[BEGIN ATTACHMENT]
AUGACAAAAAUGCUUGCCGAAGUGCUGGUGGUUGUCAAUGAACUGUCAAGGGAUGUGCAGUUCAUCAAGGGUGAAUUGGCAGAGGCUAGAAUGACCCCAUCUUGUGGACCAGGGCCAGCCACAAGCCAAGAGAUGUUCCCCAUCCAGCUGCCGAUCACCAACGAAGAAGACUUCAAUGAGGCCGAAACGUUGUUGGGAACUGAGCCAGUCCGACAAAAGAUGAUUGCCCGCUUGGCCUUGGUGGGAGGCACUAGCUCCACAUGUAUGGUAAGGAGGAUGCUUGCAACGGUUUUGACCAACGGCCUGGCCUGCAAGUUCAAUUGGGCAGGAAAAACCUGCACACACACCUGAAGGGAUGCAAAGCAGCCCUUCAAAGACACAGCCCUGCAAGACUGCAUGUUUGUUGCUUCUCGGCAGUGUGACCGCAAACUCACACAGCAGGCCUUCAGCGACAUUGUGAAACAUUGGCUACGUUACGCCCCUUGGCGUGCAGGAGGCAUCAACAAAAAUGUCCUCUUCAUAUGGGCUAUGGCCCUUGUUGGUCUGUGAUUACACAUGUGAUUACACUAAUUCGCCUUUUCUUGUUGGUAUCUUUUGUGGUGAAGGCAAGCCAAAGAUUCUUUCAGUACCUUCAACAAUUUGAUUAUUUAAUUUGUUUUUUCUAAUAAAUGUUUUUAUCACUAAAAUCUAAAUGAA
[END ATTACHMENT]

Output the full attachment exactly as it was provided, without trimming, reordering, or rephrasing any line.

AUGACAAAAAUGCUUGCCGAAGUGCUGGUGGUUGUCAAUGAACUGUCAAGGGAUGUGCAGUUCAUCAAGGGUGAAUUGGCAGAGGCUAGAAUGACCCCAUCUUGUGGACCAGGGCCAGCCACAAGCCAAGAGAUGUUCCCCAUCCAGCUGCCGAUCACCAACGAAGAAGACUUCAAUGAGGCCGAAACGUUGUUGGGAACUGAGCCAGUCCGACAAAAGAUGAUUGCCCGCUUGGCCUUGGUGGGAGGCACUAGCUCCACAUGUAUGGUAAGGAGGAUGCUUGCAACGGUUUUGACCAACGGCCUGGCCUGCAAGUUCAAUUGGGCAGGAAAAACCUGCACACACACCUGAAGGGAUGCAAAGCAGCCCUUCAAAGACACAGCCCUGCAAGACUGCAUGUUUGUUGCUUCUCGGCAGUGUGACCGCAAACUCACACAGCAGGCCUUCAGCGACAUUGUGAAACAUUGGCUACGUUACGCCCCUUGGCGUGCAGGAGGCAUCAACAAAAAUGUCCUCUUCAUAUGGGCUAUGGCCCUUGUUGGUCUGUGAUUACACAUGUGAUUACACUAAUUCGCCUUUUCUUGUUGGUAUCUUUUGUGGUGAAGGCAAGCCAAAGAUUCUUUCAGUACCUUCAACAAUUUGAUUAUUUAAUUUGUUUUUUCUAAUAAAUGUUUUUAUCACUAAAAUCUAAAUGAA